Military Review English Edition March-April 2016 - Page 75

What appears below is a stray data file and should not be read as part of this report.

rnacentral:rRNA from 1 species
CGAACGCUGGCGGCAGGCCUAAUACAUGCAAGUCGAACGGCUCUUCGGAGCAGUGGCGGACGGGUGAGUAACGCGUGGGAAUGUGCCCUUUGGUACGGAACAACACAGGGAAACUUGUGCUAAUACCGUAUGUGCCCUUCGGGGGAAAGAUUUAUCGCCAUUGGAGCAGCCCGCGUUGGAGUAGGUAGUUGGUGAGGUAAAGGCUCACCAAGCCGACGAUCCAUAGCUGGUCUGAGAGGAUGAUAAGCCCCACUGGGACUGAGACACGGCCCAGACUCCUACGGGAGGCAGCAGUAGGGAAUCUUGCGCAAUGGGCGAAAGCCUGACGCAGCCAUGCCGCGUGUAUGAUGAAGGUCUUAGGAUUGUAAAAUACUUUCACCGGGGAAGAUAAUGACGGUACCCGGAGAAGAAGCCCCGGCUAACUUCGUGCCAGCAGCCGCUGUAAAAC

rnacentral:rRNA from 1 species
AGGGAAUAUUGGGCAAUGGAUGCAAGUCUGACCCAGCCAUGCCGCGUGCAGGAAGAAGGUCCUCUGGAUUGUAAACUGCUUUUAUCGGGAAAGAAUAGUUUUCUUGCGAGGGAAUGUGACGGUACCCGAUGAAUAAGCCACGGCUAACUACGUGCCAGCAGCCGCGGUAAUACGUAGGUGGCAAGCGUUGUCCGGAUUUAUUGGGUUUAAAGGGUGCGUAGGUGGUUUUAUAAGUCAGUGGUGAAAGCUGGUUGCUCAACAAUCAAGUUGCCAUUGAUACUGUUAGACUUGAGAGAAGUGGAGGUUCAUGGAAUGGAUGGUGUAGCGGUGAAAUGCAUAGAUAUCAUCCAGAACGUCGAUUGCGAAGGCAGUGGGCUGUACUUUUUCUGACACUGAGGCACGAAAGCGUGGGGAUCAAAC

BIASES readiness of men more effectively than it measures the readiness of women. admitting men to all Army occupations, it is possible that the Army would bar them from service entirely. Frontal Lobe Development and Self-Control Hormones and Mood Young men engage in reckless and antisocial behaviors more often than women do. If more men were introduced into a women’s Army, these behaviors could cause numerous problems from misconduct, alcohol and other substance abuse, suicide, and uncontrolled aggression—such as sexual aggression and even misconduct in war. These would be issues of great concern. They likely would be the focus of study to develop behavioral screening techniques for use at recruitment stations and behavioral training for use during initial entry training.18 If including men in a women’s Army were considered important, brain and behavioral maturation in teen boys could even become the focus of national attention, as the question of suitable future recruits could be construed as a national security issue.19 Arguments that impulsive, aggressive, or risk-taking behaviors make great warriors need to distinguish between unrepressed response and carefully measured action. Research needs to consider how men and women perform under the demands of a variety of situations. For example, in one experiment of soldiers standing watch, men and women began to fatigue from their continued vigilance activities after about two hours, Y